[1]http://www.investopedia.com/terms/a/administered-price.asp
[2] A subsidy is coupled when related to the production or price levels, and decoupled in the opposite case.
[3]The blue box corresponds to the EU fixed direct payments per hectare (cereals and oilseeds), cattle head (bovines and ovines), or litre of milk decided by the CAP (common agricultural policy) reforms of 1992, 1999 and 2004 to offset the reduction of administered ("intervention") guaranteed  prices but farmers received them only if they produced the corresponding products. The green box covers two types of alleged non-trade distorting subsidies: 1) the traditional green box of in-kind aid to general agricultural services benefitting to farmers collectively: agricultural infrastructures, schools, research, agri-environment, calamities, phytosanitary warnings, etc.); 2) the green box of decoupled income support in place in the US from 1999 to 2014 and in the EU since 2005 where farmers continue to receive the average amount of blue box direct payments received in 2000-02 without being obliged to produce anything or being allowed to produce other products than those having benefitted of blue payments.
[4]US Department of Commerce, Normal value, AD Manual, chapter 8.
[5]http://ia.ita.doc.gov/admanual/2009/Chapter%2010%20NME.doc; http://works.bepress.com/cgi/viewcontent.cgi?article=1000&context=david_gantz
[6]http://uscode.house.gov/view.xhtml?req=granuleid:USC-prelim-title19-section2703a&num=0&edition=prelim
[7] Commission des CE, Evolution et avenir de la politique agricole commune. Propositions de la Commission, 2/91.
[8]Wilhelm Henrichsmeyer and Heinz Peter Witzke, Overall evaluation of the Agenda 2000 CAP reform, Institute for Agricultural Policy, University of Bonn, European Commission, Impact analyses of Agenda 2000 decisions for CAP reform, February 2000, http://ec.europa.eu/agriculture/publi/caprep/impact/summary/sum_en.htm.
[9]Timothy A. Wise, The Paradox of Agricultural Subsidies: Measurement Issues, Agricultural Dumping, and Policy Reform, Global Development and Environment Institute, TuftsUniversity, Working paper N° 04-02, February 2004 (http://ase.tufts.edu/gdae).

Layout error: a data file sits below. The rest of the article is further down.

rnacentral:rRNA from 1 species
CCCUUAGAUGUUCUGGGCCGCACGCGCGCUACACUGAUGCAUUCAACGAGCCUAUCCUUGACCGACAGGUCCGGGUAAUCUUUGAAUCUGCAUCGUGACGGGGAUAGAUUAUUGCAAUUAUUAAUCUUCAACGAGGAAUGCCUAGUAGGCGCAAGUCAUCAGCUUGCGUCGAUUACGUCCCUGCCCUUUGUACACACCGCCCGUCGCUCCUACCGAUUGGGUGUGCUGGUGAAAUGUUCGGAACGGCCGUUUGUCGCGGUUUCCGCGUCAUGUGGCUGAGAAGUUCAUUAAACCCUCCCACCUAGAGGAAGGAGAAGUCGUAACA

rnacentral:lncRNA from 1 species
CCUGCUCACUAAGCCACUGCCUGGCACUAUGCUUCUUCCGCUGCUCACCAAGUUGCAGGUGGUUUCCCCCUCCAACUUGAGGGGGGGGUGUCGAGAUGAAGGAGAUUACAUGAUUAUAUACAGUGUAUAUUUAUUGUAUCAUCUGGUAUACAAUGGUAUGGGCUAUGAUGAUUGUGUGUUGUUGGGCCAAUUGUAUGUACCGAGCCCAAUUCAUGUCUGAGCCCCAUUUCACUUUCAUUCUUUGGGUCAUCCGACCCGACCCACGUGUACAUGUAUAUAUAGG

[12]http://ageconsearch.umn.edu/bitstream/123139/2/Frost%26Parton%2005.pdf
[13] Jean-Pierre Butault, Evolution of Agricultural Support in Real Terms in OECD Countries and Emerging Economies, OECD, 2011, http://www.oecd-ilibrary.org/docserver/download/5kgkdgf25x20.pdf?expires=1385386110&id=id&accname=guest&checksum=476FE82E1A92E7409C7AAE4E85F48958
[14] WT/DS267/AB/R, 3 March 2005
[15]US Research Center dependent from the US government.
[18]http://www.fsa.usda.gov/Internet/FSA_File/pb12_tbl35.pdf; http://www.fsa.usda.gov/FSA/webapp?area=about&subject=landing&topic=bap-bu-cc
[19] https://www.wto.org/english/tratop_e/agric_e/schedule_e/usa.pdf
[20] http://ageconsearch.umn.edu/bitstream/30791/1/24020506.pdf
[21] http://farmer.gov.in/mspstatements.html
[22] http://www.ers.usda.gov/data-products/agricultural-exchange-rate-data-set.aspx
[23] http://www.fsa.usda.gov/about-fsa/budget-and-performance-management/budget/ccc-budget-essentials/index
[24] http://www.ers.usda.gov/data-products/commodity-costs-and-returns.aspx
[25] http://www.ers.usda.gov/data-products/wheat-data.aspx#25171
[26] Timothy A. Wise, The Paradox of Agricultural Subsidies: Measurement Issues, Agricultural Dumping, and Policy Reform, TuftsUniversity, May 2004, http://www.ase.tufts.edu/gdae/pubs/wp/04-02agsubsidies.pdf